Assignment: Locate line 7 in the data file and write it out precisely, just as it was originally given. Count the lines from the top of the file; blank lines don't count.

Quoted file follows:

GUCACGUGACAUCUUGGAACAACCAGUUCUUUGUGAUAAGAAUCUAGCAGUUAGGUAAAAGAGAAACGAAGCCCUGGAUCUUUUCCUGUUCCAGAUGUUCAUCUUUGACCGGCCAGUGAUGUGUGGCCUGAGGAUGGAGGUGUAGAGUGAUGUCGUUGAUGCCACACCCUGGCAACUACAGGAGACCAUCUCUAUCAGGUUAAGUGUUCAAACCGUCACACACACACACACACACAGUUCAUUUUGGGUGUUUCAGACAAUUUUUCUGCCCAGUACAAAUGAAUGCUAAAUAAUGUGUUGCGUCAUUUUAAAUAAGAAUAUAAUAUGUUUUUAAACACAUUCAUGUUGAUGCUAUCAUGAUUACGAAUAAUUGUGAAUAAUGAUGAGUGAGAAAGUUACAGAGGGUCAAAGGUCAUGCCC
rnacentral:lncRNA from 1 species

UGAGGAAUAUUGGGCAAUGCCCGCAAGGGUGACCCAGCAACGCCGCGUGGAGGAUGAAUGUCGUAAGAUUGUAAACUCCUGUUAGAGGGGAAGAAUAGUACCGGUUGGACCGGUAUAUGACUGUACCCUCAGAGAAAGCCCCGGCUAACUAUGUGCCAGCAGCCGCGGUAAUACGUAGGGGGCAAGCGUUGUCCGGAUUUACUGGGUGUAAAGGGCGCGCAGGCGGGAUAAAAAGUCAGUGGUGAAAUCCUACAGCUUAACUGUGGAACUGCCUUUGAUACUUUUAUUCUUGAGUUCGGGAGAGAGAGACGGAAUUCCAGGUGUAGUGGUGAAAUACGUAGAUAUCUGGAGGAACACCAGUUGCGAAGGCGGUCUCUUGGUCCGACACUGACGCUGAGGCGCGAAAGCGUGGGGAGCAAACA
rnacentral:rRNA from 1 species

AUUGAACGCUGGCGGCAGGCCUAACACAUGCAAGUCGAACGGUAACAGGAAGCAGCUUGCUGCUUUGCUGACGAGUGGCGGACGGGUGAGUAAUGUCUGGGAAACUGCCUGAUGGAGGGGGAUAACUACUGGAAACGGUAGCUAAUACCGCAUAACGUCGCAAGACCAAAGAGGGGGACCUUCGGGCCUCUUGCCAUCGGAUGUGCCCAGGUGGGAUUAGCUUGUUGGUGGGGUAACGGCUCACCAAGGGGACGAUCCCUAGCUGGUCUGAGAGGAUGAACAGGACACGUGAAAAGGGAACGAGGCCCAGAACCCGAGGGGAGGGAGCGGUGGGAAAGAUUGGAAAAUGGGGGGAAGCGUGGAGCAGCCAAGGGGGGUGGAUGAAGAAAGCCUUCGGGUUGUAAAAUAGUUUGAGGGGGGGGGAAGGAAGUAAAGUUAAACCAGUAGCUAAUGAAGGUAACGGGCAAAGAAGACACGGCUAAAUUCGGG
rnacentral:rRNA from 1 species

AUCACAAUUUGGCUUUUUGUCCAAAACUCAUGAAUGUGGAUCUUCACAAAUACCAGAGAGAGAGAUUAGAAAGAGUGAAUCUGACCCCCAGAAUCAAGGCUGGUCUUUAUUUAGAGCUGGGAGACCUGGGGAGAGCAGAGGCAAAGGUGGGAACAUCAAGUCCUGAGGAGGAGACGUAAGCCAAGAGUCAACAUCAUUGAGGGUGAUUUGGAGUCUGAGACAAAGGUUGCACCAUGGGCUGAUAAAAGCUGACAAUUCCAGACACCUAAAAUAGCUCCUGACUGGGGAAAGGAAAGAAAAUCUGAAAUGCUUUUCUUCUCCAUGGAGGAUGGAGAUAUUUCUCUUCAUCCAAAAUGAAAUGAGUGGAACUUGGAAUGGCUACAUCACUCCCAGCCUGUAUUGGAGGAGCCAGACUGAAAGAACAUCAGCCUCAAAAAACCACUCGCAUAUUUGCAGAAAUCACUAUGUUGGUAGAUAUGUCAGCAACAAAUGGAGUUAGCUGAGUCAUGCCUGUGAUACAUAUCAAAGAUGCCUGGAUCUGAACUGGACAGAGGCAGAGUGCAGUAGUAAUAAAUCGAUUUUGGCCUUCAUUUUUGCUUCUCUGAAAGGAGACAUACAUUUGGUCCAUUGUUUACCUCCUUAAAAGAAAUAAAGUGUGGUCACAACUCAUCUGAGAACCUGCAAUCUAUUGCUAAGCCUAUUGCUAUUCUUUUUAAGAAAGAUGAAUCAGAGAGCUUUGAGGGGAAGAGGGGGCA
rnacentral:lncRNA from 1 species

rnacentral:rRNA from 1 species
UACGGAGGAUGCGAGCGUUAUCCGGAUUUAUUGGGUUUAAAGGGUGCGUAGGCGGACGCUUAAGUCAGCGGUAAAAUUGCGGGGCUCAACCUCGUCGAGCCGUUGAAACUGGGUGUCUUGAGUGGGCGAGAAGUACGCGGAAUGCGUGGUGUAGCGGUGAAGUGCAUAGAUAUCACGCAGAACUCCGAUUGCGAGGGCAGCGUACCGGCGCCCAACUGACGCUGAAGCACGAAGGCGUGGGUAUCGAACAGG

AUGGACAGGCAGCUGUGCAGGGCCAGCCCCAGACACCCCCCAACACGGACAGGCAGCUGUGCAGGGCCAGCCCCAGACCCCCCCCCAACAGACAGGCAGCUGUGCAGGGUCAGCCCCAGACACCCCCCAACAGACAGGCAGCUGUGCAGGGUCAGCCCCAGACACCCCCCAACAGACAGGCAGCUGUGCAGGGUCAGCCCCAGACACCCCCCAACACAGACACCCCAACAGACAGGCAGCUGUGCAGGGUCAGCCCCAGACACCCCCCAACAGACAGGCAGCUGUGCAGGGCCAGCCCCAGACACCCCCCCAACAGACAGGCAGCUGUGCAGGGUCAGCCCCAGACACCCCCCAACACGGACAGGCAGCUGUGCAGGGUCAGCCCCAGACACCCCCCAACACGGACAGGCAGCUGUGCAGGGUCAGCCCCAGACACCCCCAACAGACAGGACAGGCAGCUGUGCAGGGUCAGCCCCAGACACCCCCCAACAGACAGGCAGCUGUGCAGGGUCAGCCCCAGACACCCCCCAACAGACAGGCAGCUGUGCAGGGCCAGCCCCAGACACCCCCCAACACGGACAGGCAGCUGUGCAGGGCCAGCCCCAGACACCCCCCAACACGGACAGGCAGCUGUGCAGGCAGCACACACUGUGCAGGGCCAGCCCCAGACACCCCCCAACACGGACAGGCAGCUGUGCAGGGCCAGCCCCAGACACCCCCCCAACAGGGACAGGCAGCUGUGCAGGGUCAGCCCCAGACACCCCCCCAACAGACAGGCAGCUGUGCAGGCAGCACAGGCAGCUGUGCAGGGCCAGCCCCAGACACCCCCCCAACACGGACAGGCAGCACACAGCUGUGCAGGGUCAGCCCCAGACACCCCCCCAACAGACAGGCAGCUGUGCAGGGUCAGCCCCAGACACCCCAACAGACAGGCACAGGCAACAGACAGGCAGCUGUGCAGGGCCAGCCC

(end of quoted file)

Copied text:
AUCACAAUUUGGCUUUUUGUCCAAAACUCAUGAAUGUGGAUCUUCACAAAUACCAGAGAGAGAGAUUAGAAAGAGUGAAUCUGACCCCCAGAAUCAAGGCUGGUCUUUAUUUAGAGCUGGGAGACCUGGGGAGAGCAGAGGCAAAGGUGGGAACAUCAAGUCCUGAGGAGGAGACGUAAGCCAAGAGUCAACAUCAUUGAGGGUGAUUUGGAGUCUGAGACAAAGGUUGCACCAUGGGCUGAUAAAAGCUGACAAUUCCAGACACCUAAAAUAGCUCCUGACUGGGGAAAGGAAAGAAAAUCUGAAAUGCUUUUCUUCUCCAUGGAGGAUGGAGAUAUUUCUCUUCAUCCAAAAUGAAAUGAGUGGAACUUGGAAUGGCUACAUCACUCCCAGCCUGUAUUGGAGGAGCCAGACUGAAAGAACAUCAGCCUCAAAAAACCACUCGCAUAUUUGCAGAAAUCACUAUGUUGGUAGAUAUGUCAGCAACAAAUGGAGUUAGCUGAGUCAUGCCUGUGAUACAUAUCAAAGAUGCCUGGAUCUGAACUGGACAGAGGCAGAGUGCAGUAGUAAUAAAUCGAUUUUGGCCUUCAUUUUUGCUUCUCUGAAAGGAGACAUACAUUUGGUCCAUUGUUUACCUCCUUAAAAGAAAUAAAGUGUGGUCACAACUCAUCUGAGAACCUGCAAUCUAUUGCUAAGCCUAUUGCUAUUCUUUUUAAGAAAGAUGAAUCAGAGAGCUUUGAGGGGAAGAGGGGGCA